Finally, there is a hippocratic oath in politics as in medicine: do no harm. I lost the battle in Olympia and I respect the broader desire to move forward with the current spending and revenue plan.
The teachable moment for me is a profound–and deeply powerful–reminder that in the end we at the state level don’t have the same passion, spirit, energy and drive to build a world-class education system that has been displayed in Seattle to build a 21st Century transportation system.
Your partner in service,
(Note: While this is a personal blog not paid for with any public funds, I rarely discuss overtly political issues or campaigns. This entry is intended to raise the financial issues associated with a proposed initiative before the public.)
Our state budget is complex. The nearly $40 billion biennial budget struggles under the constant pressures of constitutional, statutory, federal mandates and moral directives to support public education, health care, housing, environmental cleanup, foster youth, nursing home and child care center inspections and so much more.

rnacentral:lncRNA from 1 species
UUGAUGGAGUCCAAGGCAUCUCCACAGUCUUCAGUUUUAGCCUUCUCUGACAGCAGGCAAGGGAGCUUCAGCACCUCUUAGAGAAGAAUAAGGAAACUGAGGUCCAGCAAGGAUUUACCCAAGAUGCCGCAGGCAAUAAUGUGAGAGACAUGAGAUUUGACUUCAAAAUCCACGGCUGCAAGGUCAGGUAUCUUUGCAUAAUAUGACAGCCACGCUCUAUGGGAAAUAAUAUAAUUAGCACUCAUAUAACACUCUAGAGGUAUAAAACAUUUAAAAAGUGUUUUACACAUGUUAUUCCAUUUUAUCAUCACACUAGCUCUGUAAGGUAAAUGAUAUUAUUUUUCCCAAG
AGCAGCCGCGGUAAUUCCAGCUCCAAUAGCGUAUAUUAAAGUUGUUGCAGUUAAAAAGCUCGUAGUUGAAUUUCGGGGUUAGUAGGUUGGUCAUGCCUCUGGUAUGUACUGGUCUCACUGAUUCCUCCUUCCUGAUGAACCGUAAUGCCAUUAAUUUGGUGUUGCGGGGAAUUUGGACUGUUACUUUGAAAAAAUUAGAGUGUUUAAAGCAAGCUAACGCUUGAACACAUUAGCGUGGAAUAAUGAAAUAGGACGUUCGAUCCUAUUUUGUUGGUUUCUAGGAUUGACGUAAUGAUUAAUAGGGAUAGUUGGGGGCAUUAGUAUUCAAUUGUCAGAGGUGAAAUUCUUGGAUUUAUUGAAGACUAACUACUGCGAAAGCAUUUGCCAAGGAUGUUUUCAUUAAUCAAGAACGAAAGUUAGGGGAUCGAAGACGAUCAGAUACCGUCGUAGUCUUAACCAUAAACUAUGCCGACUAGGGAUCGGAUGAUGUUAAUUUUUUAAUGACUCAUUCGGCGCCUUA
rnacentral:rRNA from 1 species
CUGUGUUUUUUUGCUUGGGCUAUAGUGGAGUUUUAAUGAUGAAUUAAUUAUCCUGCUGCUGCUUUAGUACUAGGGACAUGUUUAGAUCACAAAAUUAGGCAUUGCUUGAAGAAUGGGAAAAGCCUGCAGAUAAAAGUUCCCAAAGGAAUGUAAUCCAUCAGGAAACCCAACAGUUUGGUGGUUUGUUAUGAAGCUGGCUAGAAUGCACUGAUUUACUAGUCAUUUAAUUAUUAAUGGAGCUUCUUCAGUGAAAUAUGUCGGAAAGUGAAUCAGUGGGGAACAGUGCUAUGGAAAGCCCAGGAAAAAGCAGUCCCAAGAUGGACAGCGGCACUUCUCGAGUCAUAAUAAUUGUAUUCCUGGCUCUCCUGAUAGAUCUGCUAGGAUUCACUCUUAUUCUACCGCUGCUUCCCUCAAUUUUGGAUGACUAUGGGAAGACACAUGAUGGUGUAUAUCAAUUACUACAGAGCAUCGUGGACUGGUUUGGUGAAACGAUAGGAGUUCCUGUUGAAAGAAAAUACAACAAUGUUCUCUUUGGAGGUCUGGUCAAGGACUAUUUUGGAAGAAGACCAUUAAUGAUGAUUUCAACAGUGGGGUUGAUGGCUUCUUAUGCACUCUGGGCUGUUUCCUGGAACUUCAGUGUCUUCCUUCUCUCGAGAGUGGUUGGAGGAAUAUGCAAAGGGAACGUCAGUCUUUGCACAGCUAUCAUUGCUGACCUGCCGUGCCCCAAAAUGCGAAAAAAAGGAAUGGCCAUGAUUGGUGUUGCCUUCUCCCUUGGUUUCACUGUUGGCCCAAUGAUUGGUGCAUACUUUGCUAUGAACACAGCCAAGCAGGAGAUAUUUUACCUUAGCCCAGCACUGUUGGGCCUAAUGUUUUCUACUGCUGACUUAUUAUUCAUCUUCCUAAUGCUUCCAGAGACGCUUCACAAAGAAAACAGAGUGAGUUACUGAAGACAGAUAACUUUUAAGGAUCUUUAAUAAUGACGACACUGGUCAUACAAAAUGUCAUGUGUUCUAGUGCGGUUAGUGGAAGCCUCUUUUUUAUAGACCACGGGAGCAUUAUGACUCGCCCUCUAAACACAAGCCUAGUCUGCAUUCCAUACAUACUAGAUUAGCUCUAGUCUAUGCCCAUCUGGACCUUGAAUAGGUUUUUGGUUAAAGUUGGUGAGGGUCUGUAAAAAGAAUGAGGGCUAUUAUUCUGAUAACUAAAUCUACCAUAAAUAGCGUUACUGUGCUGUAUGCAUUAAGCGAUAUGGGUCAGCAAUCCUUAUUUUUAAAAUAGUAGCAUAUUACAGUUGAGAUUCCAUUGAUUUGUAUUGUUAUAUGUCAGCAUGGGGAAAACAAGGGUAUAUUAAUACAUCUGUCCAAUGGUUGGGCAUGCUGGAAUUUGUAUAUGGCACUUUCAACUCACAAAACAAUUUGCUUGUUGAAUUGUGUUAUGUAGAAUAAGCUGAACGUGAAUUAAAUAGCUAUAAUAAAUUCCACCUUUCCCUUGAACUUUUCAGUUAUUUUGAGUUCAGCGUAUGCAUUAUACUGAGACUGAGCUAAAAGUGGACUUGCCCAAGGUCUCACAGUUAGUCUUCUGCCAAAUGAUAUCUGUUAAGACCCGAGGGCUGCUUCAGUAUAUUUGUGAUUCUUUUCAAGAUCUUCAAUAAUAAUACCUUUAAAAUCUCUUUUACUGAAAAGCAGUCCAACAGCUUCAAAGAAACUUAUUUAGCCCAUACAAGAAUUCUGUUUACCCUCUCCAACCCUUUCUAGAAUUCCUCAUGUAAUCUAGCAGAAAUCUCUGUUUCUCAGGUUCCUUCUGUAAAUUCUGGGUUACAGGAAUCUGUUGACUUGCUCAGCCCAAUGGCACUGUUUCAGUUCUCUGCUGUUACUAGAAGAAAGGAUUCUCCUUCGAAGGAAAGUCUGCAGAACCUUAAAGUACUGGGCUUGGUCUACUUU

Financial risk is inherently part of the deal of running a multi-billion organization serving seven million people. Still, we as a state–regardless of party leadership–rarely recklessly ignore legitimate financial risks to our credit ratings, balanced budget and critical services.
Today, however, it seems Washington is now dangerously flirting with serious financial risk as I-1515–Just Want Privacy— begins the process of hiring paid signature-gathering firms to reach the initiative ballot. The opposition is organizing simultaneously led by the business community I suspect in large part because of the financial risks involved. They see what is happening in North Carolina. This is exactly the same social policy regarding transgender people and bathroom access that is bringing North Carolina to it’s knees as the federal government directly threatens the state with reductions in federal support due to that state’s aggressive pursuit of discriminatory legislation.
A new report from the respected Williams Institute–a policy shop out of UCLA–outlines in detail how Washington would likely realize at least $4.5 billion in annual federal spending reductions if the initiative reaches the ballot and ultimately passes. The Stranger, hardly a bastion of conservative fiscal discipline, outlined the risks as well.